Yoga is evolutionary. For Patanjali, however, it’s also involutionary. Though he draws many maps throughout his Yoga Sutras, they all plot out the same journey, one of consistent turning inward.
Various forms of ekagrata, one-pointed concentration, form a motif throughout Patanjali’s yogic guidebook. The eight-limbed, or ashtānga, yoga he outlines in the second chapter of his treatise is one such involutionary path, offering the practitioner a series of more-and-more subtle tools for cultivating one-pointed focus.
The first limb, the yamas, is the most external, instructing us to bring focus to our relationships with society by guiding us into more conscious ways of interacting with the world. Next, we turn our focus slightly more inward, examining our day-to-day habits and seeking to choose more productive ones with the guidance of the niyamas. Asana narrows the point of focus slightly further, while also giving us a still-tangible object (the body) on which to fix our attention. Pranayama, control of the breath, requires an even subtler concentration. Like the previous exercises, however, it remains external, guiding us towards concentration through familiar access points.
Gradual Journey Inwards
By keeping things (fairly) simple throughout these first four limbs, Patanjali slowly and gently guides the practitioner towards less easily defined practices. He doesn’t throw the aspiring yogi into the deep end of concentration, but rather allows us to wade gradually out of the kiddie pool, strengthening our swimming skills until we’re ready to try out the ocean. By the time we reach the internal limbs of the ashtānga path, we’re already well grounded in the concept of concentration. While introducing these more abstract methods might have been overwhelming early on, a sound foundation in more tangible focal points makes grasping these next concepts possible.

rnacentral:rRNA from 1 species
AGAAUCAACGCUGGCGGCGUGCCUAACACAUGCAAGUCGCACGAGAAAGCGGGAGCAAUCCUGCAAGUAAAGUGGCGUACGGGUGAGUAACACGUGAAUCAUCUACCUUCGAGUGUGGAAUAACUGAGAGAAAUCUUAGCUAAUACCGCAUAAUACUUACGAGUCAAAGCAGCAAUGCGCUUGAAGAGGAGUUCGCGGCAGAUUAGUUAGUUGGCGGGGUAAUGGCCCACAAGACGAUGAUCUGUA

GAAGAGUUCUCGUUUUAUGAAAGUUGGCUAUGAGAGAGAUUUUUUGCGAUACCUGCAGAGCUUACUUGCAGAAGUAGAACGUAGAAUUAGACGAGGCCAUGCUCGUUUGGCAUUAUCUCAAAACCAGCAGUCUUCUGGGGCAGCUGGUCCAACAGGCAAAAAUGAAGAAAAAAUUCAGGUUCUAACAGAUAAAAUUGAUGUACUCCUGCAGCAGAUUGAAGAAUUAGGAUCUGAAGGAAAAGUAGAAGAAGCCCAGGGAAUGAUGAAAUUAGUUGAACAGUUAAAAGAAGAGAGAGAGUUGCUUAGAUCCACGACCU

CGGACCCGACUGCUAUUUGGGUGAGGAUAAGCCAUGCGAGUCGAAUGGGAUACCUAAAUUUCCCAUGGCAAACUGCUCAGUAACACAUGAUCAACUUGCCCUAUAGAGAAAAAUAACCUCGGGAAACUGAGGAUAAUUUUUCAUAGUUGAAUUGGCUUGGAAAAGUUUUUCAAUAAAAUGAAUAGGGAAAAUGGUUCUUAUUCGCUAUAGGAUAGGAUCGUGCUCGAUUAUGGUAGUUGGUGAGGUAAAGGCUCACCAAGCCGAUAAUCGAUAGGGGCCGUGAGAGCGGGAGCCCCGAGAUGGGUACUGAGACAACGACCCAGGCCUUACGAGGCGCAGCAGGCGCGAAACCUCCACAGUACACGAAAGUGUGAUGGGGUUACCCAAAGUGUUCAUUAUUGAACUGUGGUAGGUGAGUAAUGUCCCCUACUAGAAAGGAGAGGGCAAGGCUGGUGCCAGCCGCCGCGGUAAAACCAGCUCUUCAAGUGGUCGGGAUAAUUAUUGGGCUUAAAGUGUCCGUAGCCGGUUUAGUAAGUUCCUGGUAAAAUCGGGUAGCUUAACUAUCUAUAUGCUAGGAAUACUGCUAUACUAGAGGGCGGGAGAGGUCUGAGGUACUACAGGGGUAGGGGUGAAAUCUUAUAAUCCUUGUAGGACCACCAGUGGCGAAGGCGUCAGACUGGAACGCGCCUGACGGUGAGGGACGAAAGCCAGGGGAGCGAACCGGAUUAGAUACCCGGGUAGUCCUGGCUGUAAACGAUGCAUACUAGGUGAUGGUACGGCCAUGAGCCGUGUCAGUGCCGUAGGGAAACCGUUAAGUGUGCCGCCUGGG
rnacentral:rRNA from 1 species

The Internal Limbs of The Ashtanga Path
The internal limbs begin with pratyāhāra, or sense-withdrawal. While with asana and pranayama the practitioner uses physical sensation as a focal point, pratyāhāra seeks to draw away from sensory input. Now that the practitioner has established a practice of concentration, they can attempt to turn it inward, moving away from tangible focal points. Drawing the senses away from external objects and inward, towards the Self, begins this slow narrowing of focus. The next limb, dharana, furthers this process of concentration. In fact, it is concentration. In dharana, Patanjali stops holding our hand and offers us the task without training wheels, offering without extras the process of binding consciousness to a single point. At this stage, the aspiring yogi has acquired enough general stability to work solely on the steadiness of the mind. As Iyengar explains it, through yama and niyama, the practitioner learns to develop emotional stability. Through asana, he or she stabilizes the body, and through pranayama the flow of energy throughout body and mind. In pratyāhāra, willpower and clarity of thought are developed. From this foundation, we work in dharana to stabilize the mind, either keeping it steady on its own or by having it hold on to an unmoving object.
From here, things simply continue to evolve (and in-volve). Dhyāna builds on the one-pointed concentration of dharana, establishing a steady, continuous flow of attention. It is the next stage of absorption, after which comes samādhi. In this last stage, the line between subject and object blurs and then disappears and the meditator and object of meditation become one. These final three limbs are intertwined, flowing into each other as the practitioner’s concentration grows in strength. Riding on the skills established in the first four limbs and honed through the fifth, the aspiring yogi simply allows the last three limbs to grow. Step by step, involution continues, evolution results. And vice-versa.
Read about the first limbs: Yoga Sutras: Finding Fertile Ground in the First Two Limbs of Ashtanga Yog
And the following: Yoga Sutras: Asana and Pranayama – Using The Gift of The Body